The 1970 Clean Air Race: A victory for Wayne State and a vision for the future
In 1970, Americans celebrated Earth Day for the first time, President Richard Nixon signed the Clean Air Act into law and the Environmental Protection Agency was established. These were critical steps in tempering the rapid increase in air pollution caused by a growing population that had become more reliant on automobiles for transportation.
New emissions standards and the prohibition of leaded gasoline resulted in today's passenger vehicles running 99% cleaner than their predecessors from 50 years ago, according to the EPA. However, another formative event in 1970 showed environmentalists and automakers alike that this success was possible - the Clean Air Race.
In August 1970, college students from across the country lined up in 43 vehicles at the Massachusetts Institute of Technology. The goal was to reach the California Institute of Technology - a 3,600-mile trip through 11 states plus Ontario, Canada - in a car designed to meet or exceed the forthcoming 1975 federal emission standards.
In the end, the event was won by a seven-man team representing Wayne State University - Brian Geraghty, Dan Harmon, Richard Jeryan, John Karol, Al Raquepau, Mike Riley and Larry Wagle. Their car, a modified 1971 Mercury Capri that ran on unleaded gas, used lightweight materials and was equipped with automatic transmission, catalytic reactors and exhaust gas recirculation - a system design that would become an industry standard.
"I remember Dan taking the lead on getting us involved," recalled Geraghty, who at that time was a graduate student working as a carburetor engineer at Ford Motor Company, the team's major sponsor. "He had been aware of the 1968 Great Electric Car Race that went from MIT to Cal Tech, and, in 1970, MIT said they wanted to do another race."
The team met every Wednesday afternoon. Initially, they were going to use a four-cylinder, direct injection engine called the MUTT (military unit tactical truck) developed by the U.S. Army. That arrangement fell through, however, so the strategy pivoted to a Mustang V8 engine with Engelhard catalysts.
After an impressive testing session with the EPA in Ann Arbor, the team headed to Cambridge with a van, a pickup truck loaded with 150 gallons of unleaded gasoline and the clean-air car. On Aug. 24, Wayne State's Capri joined a vast array of vehicles - including electric, steam, propane and gas-powered cars - and the 1970 Clean Air Race began.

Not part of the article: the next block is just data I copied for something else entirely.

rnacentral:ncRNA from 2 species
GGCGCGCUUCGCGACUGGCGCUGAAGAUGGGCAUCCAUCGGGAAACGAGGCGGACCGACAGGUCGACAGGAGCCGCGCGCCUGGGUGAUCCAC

The Ford engineers - Geraghty, Jeryan, Riley and Wagle - took turns driving the clean car. The others were in the chase vehicle, joined by an MIT observer who ensured that the rules of the event were followed.
Teams drove for approximately 10 hours per day for six days, with stops in Toronto; Detroit; Champaign, Illinois; Oklahoma City; Odessa, Texas; and Tucson, Arizona. The vehicles, which were tested a few times along the way, had to maintain a minimum speed of 45 miles per hour, and entries were penalized if they completed fewer than 600 miles in a day.
Recalling driving through Texas, "I remember thinking to myself, 'holy smokes, we'll never cross this state, it's so big,'" said Karol, who was an undergraduate student at the time. Like his teammates, he also went on to a long career at Ford.
Long days notwithstanding, the Wayne State crew had another challenge driving across the country in the heat of summer.
"We had to be aerodynamic to get the best fuel economy, so we kept the windows closed and there was no air conditioning," said Geraghty. "It was toasty."
The Capri did not receive any penalty points on the journey and tested well for performance, fuel economy and emissions. One of only 15 vehicles to cross the finish line in Pasadena under its own power, the Wayne State car was declared the victor.
"One of the reasons we were chosen as the overall winner was because we had a reasonable and readily adaptable approach," said Geraghty, a 2004 inductee in the College of Engineering Hall of Fame.
The 1970 Clean Air Race received significant national attention. Communities hosted gatherings to celebrate the students and admire their vehicles. Media giants such as Life magazine and the New York Times covered the event, as the race proved to the country - and a skeptical auto industry - that the technology existed to meet the new federal standards and, indeed, clean the air.
Wayne State's team received significant praise upon returning home to Detroit, including personal letters of recognition from Ford, then Wayne State President William Keast, the Wayne State Board of Governors and the Engineering Society of Detroit. The race was the university's first win in a national engineering competition, and undoubtedly inspired many student teams that followed over the last half century.
"I'm proud to be representing Wayne State," said Riley. "The outcome was not necessarily expected, but that really made it extra special."